Continuing my look at discovery in criminal law, we come to this next, more current, case. In R. v. Vickerson, 2020 ONCA 434, the Ontario Court of Appeal dealt with electronic discovery in the context of criminal law. The self-represented accused in that case was in-custody prior to trial. He was convicted at trial of several counts of possession of fentanyl for the purpose of trafficking and conspiracy to traffic.
He appealed his convictions on a number of bases, but the most important one was the argument that involved electronic discovery in criminal law. The Crown had provided him with electronic discovery prior to trial. However, Mr. Vickerson was in-custody prior to the trial and didn’t have access to a computer while in remand custody.
In fact, Mr. Vickerson only obtained access to the evidence against him after they’d been tendered as exhibits in his trial.
The Crown agreed that his appeal should be allowed and that he should be granted a new trial (the accused had sought an acquittal, which was denied by the Ontario Court of Appeal).
It’s difficult to understand the actions of the Crown in this case. The trial decision is not available online, but it’s hard to make sense of how the state could provide an accused with electronic discovery only to deny him access to the technology required to make meaningful use of that tech.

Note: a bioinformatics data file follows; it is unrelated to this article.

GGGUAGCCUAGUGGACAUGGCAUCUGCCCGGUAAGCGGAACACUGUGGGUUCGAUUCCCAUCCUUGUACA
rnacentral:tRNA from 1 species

Countless cases on the subject of discovery in criminal law have made clear the importance of providing meaningful disclosure in a form that’s accessible to the accused. It doesn’t have to be the form most preferable to the accused, but it does have to be reasonably usable.
The actions of the state were apparently indefensible enough that they did not even attempt to argue the issue on appeal, consenting instead to a new trial.
In-custody accused create particular problems for prosecution services who seek to make use of electronic discovery in the context of criminal law. The sparse conditions and antiquated surroundings that prevail in most remand centers often don’t permit for fulsome and meaningful engagement with criminal case electronic discovery. In the worst cases, verdicts are overturned.